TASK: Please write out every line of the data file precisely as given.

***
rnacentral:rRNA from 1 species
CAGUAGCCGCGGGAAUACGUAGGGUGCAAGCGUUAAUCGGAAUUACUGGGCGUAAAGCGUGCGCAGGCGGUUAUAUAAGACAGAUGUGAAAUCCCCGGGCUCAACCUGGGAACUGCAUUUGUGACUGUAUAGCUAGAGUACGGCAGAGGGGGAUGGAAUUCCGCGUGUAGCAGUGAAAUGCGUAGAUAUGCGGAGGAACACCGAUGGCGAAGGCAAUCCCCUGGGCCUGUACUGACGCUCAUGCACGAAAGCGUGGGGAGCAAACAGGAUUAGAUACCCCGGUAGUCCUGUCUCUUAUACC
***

rnacentral:rRNA from 1 species
CAGUAGCCGCGGGAAUACGUAGGGUGCAAGCGUUAAUCGGAAUUACUGGGCGUAAAGCGUGCGCAGGCGGUUAUAUAAGACAGAUGUGAAAUCCCCGGGCUCAACCUGGGAACUGCAUUUGUGACUGUAUAGCUAGAGUACGGCAGAGGGGGAUGGAAUUCCGCGUGUAGCAGUGAAAUGCGUAGAUAUGCGGAGGAACACCGAUGGCGAAGGCAAUCCCCUGGGCCUGUACUGACGCUCAUGCACGAAAGCGUGGGGAGCAAACAGGAUUAGAUACCCCGGUAGUCCUGUCUCUUAUACC